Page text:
Hospice Music Therapy Provides Comfort and Memories

RVNAhealth Hospice Music Therapist Tammy Strom strums her guitar.

Above: Tammy Strom, MA-MTBC, plays her guitar at RVNAhealth’s headquarters on Governor Street in Ridgefield.

When Tammy Strom, MA-MTBC, visits RVNAhealth hospice patients, she’s equipped with a distinctive set of clinical tools. A guitar. Piles and piles of sheet music and songbooks. And a variety of handheld musical instruments (think tambourines, shakers, bells and other fun accessories).

As our hospice music therapist, Tammy also brings healthy doses of compassion and positivity, alongside a dedication to helping patients experience the best possible quality of life in their final months, weeks and days.

“Many people have the misconception that working with hospice patients is somber,” she says. “But as a music therapist I get to see, and be a part of, a lot of life and creativity.” 

Individualized Goals and Approaches

When hearing the term “music therapy,” you might think of listening to music performed by someone else. Or the opportunity for a patient and perhaps the family to play, sing or even write songs. The reality is that it depends – on what goals are appropriate for the patient and family. 

Tammy shares how, in the case of a patient who had difficulty speaking, the simple act of slowing down a beloved song so she could sing brought “great joy” to both the patient and her family.

“If you’re with them for several months, as their condition progresses, it might be more about soothing with music that carries meaning,” she adds. She recalls this being the situation with a patient who was no longer alert, but the husband requested their wedding song from long ago.

“Musical interventions aren’t about being note-perfect, and it isn’t about teaching music,” explains Tammy. “It’s focused on providing comfort and memories. The goal might be to alleviate isolation; help a family connect with a patient who is unable to speak due to dementia; or distract from the patient’s physical discomfort or soothe the emotional pain the patient and family are experiencing.”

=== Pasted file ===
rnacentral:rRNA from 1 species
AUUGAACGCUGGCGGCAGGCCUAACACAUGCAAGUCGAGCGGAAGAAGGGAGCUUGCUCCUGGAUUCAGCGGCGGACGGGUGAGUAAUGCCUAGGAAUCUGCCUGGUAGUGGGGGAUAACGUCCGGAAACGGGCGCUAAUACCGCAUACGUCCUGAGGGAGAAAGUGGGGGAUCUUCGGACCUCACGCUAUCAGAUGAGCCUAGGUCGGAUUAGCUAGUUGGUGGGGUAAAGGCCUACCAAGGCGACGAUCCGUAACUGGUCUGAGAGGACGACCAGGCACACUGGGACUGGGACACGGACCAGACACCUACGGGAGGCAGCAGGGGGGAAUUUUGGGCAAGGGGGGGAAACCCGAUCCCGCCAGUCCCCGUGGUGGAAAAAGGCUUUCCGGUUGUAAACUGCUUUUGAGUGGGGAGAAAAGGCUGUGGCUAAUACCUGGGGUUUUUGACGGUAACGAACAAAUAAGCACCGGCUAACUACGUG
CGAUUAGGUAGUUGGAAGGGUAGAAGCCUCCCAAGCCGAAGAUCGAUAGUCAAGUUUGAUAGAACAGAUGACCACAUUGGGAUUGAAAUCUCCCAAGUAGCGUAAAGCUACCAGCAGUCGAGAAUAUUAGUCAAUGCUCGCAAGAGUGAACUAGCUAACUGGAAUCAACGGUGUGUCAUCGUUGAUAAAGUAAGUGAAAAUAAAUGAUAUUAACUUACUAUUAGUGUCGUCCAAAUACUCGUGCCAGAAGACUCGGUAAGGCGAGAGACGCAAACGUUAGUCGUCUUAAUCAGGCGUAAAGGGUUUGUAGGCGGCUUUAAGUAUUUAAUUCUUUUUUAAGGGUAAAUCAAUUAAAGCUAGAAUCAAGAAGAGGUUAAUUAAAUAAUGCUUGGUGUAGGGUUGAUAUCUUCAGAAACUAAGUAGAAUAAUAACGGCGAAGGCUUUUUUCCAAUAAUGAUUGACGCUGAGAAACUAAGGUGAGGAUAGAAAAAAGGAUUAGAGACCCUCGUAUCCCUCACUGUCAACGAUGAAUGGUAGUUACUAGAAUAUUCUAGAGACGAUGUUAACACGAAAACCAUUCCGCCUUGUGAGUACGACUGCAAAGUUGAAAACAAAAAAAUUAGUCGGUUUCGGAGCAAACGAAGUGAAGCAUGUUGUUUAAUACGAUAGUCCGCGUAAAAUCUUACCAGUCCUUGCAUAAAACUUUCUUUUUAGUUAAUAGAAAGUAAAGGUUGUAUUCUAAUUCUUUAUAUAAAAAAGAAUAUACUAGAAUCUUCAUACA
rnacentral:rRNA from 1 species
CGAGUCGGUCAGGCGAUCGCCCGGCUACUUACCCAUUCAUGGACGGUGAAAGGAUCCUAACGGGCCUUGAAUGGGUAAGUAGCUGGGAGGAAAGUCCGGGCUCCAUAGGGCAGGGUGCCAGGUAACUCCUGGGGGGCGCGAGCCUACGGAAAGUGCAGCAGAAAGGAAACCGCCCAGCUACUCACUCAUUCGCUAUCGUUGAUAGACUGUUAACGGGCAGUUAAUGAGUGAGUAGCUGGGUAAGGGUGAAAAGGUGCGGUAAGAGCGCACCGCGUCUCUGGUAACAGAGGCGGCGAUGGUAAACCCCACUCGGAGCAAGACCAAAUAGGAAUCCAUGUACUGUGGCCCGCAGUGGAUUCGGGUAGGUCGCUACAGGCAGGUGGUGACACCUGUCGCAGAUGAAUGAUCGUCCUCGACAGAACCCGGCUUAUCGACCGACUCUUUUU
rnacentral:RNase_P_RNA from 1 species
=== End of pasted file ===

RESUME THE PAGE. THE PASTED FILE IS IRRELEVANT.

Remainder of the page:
Music therapy can also be used as a restorative therapy in the bereavement process, especially with children mourning a loss.

The Science Behind Music Therapy

Hospice music therapy is administered by a credentialed professional who has completed an approved music therapy program and passed a national exam offered by the Certification Board for Music Therapists. In addition to being board certified in music therapy, Tammy holds a master’s degree in expressive therapies with a concentration in music therapy and mental health counseling.  A lifelong musician, she has sung with the Ridgefield Chorale for two decades, and has performed with Troupers Light Chorale in the past.

“Music stimulates many parts of the brain – from auditory to motor to emotional – and it is often one of the last memories to remain intact,” she stresses. “Many studies have found that music therapy positively affects patients’ quality of life by addressing their spectrum of needs: Physical, psychological, emotional, spiritual, social and family support.”

Also, as she is fond of saying, in the words of Hans Christian Andersen: “Where words fail, music speaks.”

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